In the studio: Enrico Donadello

“. . . volcanic surfaces
and morbid sandy tones.”

Ceramicist Enrico Donadello presents a body of work at The Front Room, Melbourne, that is unique and unexpected, with fluid lines, irresistible tactility, and earthly tones. With each piece hand-crafted and decorated, the following interview provides insight into the artist’s creative process.

Could you describe your artistic journey and how you became involved in ceramic art?
I have always been interested in arts and handcrafting. For years, my main tool for work was a laptop and I was longing to get back to creating things with my own hands. The lockdown in 2020 turned out to be the perfect opportunity. All of a sudden, my calendar was free. I had a very basic knowledge of ceramics, but I had plenty of time to try things out, explore and get insights from artists whose work I admired.

What is your creative process like when working with ceramics, from concept to finished piece?
The process is never the same, even though some pieces need a very specific preparation before making; most of the time, I just start with very loose hand drawings or a shape that I envision in my mind. As a student, I was taught to always explore ideas through drawing at first, which is great but not always very functional for someone like me who tends to overthink. That’s why I prefer not to settle too much on plans but to make decisions during the workflow.

Supplied. Courtesy the artist, and The Front Room, Melbourne

Can you provide insights into the unique qualities of the pieces you’ve created for The Front Room Gallery’s current exhibition?
I believe the works created for the gallery reflect my attempt to infuse tradition and memories into the pieces. The colours, in particular, are what brings them to a contemporary aesthetic. For this collection, we focused on dark, almost volcanic surfaces, and morbid sandy tones.

What themes or inspirations inform this body of work?
Most of the pieces’ shapes are re-elaborations of antique or rural objects stripped into the purest form and reimagined with textural, earthy surfaces.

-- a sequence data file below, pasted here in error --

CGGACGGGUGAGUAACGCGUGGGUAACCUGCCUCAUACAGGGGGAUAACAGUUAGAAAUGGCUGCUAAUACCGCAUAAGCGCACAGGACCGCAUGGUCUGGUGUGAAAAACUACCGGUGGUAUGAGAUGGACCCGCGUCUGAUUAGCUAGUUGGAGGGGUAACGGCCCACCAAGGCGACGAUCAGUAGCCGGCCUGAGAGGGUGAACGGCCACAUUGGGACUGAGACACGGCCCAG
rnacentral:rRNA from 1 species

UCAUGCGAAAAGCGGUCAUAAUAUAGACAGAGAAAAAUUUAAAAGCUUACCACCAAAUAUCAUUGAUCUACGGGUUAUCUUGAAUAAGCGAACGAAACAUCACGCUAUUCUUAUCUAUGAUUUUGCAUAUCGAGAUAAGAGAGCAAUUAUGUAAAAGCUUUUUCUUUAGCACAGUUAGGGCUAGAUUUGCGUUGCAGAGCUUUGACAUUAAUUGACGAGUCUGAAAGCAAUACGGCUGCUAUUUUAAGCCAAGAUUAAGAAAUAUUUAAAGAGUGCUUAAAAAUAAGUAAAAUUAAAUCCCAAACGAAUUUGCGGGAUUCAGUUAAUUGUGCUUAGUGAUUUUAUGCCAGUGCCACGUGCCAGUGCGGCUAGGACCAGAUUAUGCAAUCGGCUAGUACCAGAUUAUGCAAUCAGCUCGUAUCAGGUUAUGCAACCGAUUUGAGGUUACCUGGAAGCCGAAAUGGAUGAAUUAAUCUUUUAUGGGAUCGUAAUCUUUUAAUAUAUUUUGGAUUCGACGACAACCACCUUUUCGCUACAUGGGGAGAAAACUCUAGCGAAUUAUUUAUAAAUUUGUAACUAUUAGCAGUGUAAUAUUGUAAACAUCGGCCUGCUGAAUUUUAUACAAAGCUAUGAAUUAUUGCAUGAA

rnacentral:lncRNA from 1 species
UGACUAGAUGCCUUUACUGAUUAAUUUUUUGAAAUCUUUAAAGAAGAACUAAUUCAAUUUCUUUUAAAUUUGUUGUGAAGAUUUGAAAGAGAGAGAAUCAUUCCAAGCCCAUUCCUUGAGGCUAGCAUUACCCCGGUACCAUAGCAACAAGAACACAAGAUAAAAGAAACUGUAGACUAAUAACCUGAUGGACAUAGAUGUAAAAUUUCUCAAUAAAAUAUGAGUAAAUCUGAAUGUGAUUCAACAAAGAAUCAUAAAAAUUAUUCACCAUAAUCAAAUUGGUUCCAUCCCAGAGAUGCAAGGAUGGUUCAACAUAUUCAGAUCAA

Could you share some of the challenges and rewards you encountered while creating these specific pieces for the exhibition?
The time frame for building this collection was definitely a challenge, as we only had a few weeks before summer break and every piece is hand coiled, inch by inch. Working on the colours has been a reward. I’m pretty obsessed with it, and many finishes are the result of different shades layered on top of each other. To create an even surface but with a vibrant feel.

Supplied. Courtesy the artist, and The Front Room, Melbourne

Are there any specific pieces or collections within the current exhibition that you believe hold special significance or convey a distinct message?
A piece that holds a special place in my heart is a black sculpture on four legs, with a round bottom and flat top. It was originally conceived to celebrate someone special, and it is, to me, just in between a vase and a sculpture, an organic shape, and a designed object.

How do you hope that the audience will engage with and interpret your work at The Front Room Gallery?
I hope that the pieces can trigger a familiar and ancestral feel in the audience, but I also hope they can perceive them as unique and keep discovering new aspects to them, as the light and surroundings change.

A limited edition of unique commissioned works are now on view and available, exclusive to The Front Room, Melbourne.

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